Jim Gunn developed a sense of the vastness of space early in life. The only child of an exploration geophysicist, he was born in Texas in 1938, but he traveled all over the country with his family while his dad looked for petroleum for Gulf Oil. If he managed to spend a full school term in one city, that was a good year; it was just as likely that he'd move after six months.
"I had a very sort of disrupted childhood," he said, though "I don't regret it." It probably helped him to form a boundless perspective on life that has carried into his acclaimed research on the cosmos.
"I was very interested in science as far back as I can remember," Gunn said. "More particularly, I was very interested in astronomy as far back as I can remember. It caught my fancy when I was 7 or 8."
He picked up a primer on astronomy that his dad brought home and read through it when he was only in second grade. It wasn't technical; it was "mostly pictures" he says, but it fired his imagination.
For a brief stint in high school — when he worked on the school paper — he thought about becoming a writer, but science is what stuck.
(No, he is not the same James Gunn who writes science fiction, although students frequently assume he is. "I like his stuff, actually, some of it.")
By 1961 Gunn had earned his Bachelor's Degree in physics and mathematics from Rice University and in 1966 he completed his PhD in astronomy and physics at the California Institute of Technology. His thesis was "On the Statistical Distribution of Galaxies in Space and Some Cosmological Implications."
His star rose quickly. In the late ‘60s and early ‘70s, he was a visiting professor, assistant professor and then full professor. He taught at the University of California, Berkeley, Princeton University, the University of Washington and California Institute of Technology. His research was garnering widespread respect and he was announcing new and sometimes astounding theories.
"There were some older guys" in astronomy who were a bit resistant to the new ideas, Gunn said. "But by that time, the field had grown enough and become sort of youth-heavy so we didn't feel sat-upon by the older generation."
He is perhaps best known for his work as deputy principal investigator with the wide field/planetary camera for the Hubble Space Telescope (1977-1991) and as project scientist (1991-forward) for the Sloan Digital Sky Survey (SDSS), as well as several years as technical director for SDSS. He has received a number of awards, including the Gold Medal, Royal Astronomical Society, London; the Petrie Prize, Canadian Astronomical Society; the Russell Lectureship, the Dannie Heinemann Prize for mid-career accomplishment and the Joseph Weber Award, American Astronomical Society; and the Distinguished Alumnus Award from both California Institute of Technology and Rice University. He is currently a professor of astrophysical sciences at Princeton.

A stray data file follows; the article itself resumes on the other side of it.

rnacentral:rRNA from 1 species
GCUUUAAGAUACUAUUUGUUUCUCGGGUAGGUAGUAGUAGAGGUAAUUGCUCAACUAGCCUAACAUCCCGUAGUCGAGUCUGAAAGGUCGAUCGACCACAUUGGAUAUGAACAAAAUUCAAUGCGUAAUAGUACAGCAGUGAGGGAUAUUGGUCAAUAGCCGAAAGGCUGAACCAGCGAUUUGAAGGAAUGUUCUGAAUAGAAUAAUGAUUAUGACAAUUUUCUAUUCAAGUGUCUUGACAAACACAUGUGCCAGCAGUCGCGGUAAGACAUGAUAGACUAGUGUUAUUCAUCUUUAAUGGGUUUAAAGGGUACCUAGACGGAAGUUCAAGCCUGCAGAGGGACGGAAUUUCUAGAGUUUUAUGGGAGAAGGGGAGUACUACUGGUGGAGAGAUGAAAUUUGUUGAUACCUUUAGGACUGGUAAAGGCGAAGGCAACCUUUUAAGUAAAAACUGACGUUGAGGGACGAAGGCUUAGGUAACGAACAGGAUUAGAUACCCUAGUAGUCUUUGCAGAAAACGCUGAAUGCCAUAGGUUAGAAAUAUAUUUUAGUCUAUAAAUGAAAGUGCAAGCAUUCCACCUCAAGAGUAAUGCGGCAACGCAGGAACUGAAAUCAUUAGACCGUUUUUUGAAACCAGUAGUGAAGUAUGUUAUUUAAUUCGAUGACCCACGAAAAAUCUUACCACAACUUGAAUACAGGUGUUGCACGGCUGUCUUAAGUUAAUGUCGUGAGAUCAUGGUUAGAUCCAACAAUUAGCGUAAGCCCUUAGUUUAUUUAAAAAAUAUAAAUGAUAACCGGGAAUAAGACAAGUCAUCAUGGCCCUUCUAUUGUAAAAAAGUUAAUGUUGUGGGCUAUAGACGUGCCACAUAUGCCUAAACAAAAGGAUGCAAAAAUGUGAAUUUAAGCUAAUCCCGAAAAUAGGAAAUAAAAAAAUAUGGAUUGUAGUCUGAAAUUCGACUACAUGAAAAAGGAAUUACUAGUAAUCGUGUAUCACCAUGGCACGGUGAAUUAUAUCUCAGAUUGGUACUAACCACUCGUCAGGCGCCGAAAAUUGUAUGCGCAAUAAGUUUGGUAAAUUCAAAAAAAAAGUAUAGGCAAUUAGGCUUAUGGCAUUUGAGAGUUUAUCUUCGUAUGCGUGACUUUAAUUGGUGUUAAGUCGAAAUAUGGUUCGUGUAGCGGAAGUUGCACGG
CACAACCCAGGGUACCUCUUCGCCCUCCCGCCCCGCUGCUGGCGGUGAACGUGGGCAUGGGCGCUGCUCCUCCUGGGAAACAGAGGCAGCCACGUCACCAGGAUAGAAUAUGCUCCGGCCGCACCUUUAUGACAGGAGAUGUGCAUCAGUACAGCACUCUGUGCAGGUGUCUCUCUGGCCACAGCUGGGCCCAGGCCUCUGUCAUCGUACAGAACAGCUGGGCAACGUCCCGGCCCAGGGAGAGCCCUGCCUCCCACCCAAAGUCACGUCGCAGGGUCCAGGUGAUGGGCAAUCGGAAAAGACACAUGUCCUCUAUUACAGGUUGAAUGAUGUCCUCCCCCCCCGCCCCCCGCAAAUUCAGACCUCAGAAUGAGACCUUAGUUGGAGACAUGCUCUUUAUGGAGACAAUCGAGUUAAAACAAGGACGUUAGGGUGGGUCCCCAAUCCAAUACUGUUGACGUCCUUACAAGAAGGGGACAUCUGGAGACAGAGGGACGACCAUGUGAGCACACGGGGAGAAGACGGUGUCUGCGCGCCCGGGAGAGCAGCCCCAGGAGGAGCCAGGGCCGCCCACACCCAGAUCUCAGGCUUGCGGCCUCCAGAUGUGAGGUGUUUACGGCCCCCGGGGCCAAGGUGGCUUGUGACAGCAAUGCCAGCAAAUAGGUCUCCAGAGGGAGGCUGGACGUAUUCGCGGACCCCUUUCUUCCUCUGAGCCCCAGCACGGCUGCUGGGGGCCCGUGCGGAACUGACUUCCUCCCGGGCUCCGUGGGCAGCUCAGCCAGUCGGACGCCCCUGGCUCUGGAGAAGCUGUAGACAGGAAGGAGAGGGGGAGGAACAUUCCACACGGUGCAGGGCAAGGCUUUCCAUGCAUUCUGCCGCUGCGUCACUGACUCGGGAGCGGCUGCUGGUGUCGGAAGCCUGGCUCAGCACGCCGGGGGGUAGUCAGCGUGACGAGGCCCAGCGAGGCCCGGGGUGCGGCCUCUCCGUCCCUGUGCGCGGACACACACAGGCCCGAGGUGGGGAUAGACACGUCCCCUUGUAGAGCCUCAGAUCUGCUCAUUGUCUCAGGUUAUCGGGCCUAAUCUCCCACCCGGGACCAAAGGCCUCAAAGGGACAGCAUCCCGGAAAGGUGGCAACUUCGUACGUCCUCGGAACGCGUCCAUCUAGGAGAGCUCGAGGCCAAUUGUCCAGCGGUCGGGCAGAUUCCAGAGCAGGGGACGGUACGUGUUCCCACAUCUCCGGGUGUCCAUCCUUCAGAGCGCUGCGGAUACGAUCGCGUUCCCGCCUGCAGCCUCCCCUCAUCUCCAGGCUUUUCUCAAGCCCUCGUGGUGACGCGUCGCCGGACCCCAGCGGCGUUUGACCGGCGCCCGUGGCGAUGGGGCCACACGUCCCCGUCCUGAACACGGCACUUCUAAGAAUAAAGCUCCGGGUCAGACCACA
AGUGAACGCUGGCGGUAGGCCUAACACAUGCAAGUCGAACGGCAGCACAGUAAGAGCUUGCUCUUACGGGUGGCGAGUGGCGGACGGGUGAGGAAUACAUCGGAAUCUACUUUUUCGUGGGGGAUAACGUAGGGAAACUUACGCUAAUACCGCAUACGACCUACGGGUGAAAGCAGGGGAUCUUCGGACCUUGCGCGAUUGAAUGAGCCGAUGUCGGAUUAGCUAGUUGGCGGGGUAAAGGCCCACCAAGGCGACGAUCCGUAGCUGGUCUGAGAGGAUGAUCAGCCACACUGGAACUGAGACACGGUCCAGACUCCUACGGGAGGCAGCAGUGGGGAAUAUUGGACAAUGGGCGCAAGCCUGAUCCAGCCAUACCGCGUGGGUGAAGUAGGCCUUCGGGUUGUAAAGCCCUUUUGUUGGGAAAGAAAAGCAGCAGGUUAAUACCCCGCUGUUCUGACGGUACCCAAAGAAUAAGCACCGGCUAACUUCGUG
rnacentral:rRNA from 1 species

He is married to a fellow astronomer, Dr. Jill Knapp. The couple adopted a son, Humberto, and a daughter, Marleny, from Peru in 1991, when Gunn was 50. "It was an adjustment," he said. "It was delightful."
Colleagues are fond of pointing out that Gunn is unusual in that he has distinguished himself in all three areas of astronomy research: theory, observation, and instrumentation. "Instrumentation in many ways has been the most challenging," he said. He was introduced to machinery early on. His father had to provide much of his own machinery for his work, and Gunn followed suit. "I've sort of done that all along," he said, but he has concentrated on instrumentation in recent years.
"I'm not sure about my next project," he said. "I'll be 70 in three years," indicating he may be ready to take a supporting role on whatever it is. And whatever it is, it will be "almost certainly cosmological."
Gunn worries about the future of astronomy research. The field is vast and funding is tight. "You can't get much more un-applied than astronomy, so it's hard to convince pragmatic thinkers — including Members of Congress — of the necessity of spending money on research. The questions about the cosmos have become increasingly difficult and expensive to answer," he said. "I wonder if the field has thought enough about what it really needs to know."
Funding issues and practical applications aside, Gunn has absolute certainty about why we must continue to search the skies: "because we're sentient, curious people and it's important to our humanity to learn where we came from and where life came from… What these things do is underscore the fact that we should be humble… We shouldn't lose sight of the larger context."